Use use coloring pages and one of such crayon processes for your next classroom art lesson.
Trace in the photocopied picture outline with crayon.
Thick lines perform most optimally.
Brush in the whole page with thin paint. Only use one color.
The waxed lines will resist the paint and the picture will glow through.
Color almost all of the picture with crayon. Leave some areas white.
Brush over the whole page with thin paint. Only use one color.
Draw within the lines with crayon.
Paint the picture with a variety of colors.
The crayon lines will make the photo easier to paint.
They will minimize edges bleeding into the other person.
This is not a resist yet it’s an incredible extension in the previous activities.
Paint the image with watercolors.
When the paint is dry, use crayons to incorporate detail and depth of color.
Rip off a small notepad that is concerning the height and width of a matchbox.
Use a crayon to scribble thickly on top of the paper.
Turn the paper over and using your thumb rub the crayon on to the photo.
This results in a very soft smooth effect.
Color a place of the image having a textured object placed underneath.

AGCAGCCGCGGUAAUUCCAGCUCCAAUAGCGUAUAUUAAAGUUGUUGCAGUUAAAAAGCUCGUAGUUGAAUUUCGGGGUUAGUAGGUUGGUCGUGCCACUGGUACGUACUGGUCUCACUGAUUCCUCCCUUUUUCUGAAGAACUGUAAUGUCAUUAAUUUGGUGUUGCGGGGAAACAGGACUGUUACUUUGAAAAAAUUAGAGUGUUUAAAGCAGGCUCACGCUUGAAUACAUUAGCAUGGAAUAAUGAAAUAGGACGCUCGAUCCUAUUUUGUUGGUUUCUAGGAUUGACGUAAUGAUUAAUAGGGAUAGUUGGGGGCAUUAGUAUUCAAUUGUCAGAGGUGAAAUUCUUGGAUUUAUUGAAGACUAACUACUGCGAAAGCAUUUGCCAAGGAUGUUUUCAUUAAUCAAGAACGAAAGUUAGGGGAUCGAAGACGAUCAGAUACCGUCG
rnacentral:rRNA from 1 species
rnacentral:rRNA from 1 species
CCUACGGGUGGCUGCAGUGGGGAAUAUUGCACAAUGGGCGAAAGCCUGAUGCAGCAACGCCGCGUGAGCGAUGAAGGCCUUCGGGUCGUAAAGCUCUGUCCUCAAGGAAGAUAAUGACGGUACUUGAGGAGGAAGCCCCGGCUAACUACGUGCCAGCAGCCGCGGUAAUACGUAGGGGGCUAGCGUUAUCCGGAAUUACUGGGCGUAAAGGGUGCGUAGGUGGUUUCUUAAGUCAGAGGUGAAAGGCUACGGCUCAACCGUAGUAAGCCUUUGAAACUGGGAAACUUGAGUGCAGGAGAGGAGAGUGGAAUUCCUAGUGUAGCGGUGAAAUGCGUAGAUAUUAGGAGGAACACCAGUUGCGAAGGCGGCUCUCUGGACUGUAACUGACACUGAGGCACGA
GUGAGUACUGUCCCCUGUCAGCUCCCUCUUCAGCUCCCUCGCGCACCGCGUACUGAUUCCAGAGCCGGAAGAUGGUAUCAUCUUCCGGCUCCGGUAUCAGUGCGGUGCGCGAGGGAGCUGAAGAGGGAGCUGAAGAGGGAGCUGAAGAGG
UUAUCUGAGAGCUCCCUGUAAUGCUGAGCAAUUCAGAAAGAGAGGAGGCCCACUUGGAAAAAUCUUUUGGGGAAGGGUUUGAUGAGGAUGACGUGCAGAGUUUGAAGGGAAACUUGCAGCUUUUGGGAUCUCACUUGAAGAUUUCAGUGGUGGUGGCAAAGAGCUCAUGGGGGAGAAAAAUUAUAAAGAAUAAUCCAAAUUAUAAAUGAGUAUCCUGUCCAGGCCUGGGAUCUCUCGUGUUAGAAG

Sandpaper, string, crumpled paper, bricks, bark, leaves, signs and rocks can produce interesting patterns. Experiment having a little bit of blank paper first.
Use grated pieces or shavings of crayon to make a swirling effect.
Sprinkle the crayon on to the photo and then rub them with your thumb.
This is useful if you use different colors together.
It makes effective animal fur, storm clouds or grass.
Go on the outline of the photo with black crayon.
Color the remainder of the picture thickly with crayon.
If possible use a small part of cotton wool or cloth to polish the picture.
Heat in the friction of rubbing melts the crayon and results in a smooth shiny effect.
Apply a tiny amount of vegetable oil to your cotton wool ball.
Gently rub the oil in the back of the photo.
The oil will make the image almost transparent.
Students could be given the oil soaked balls in a paint tray.
Encourage the crooks to go over and over the picture to spread the oil.
Hang the image inside a classroom window to make a stained glass effect.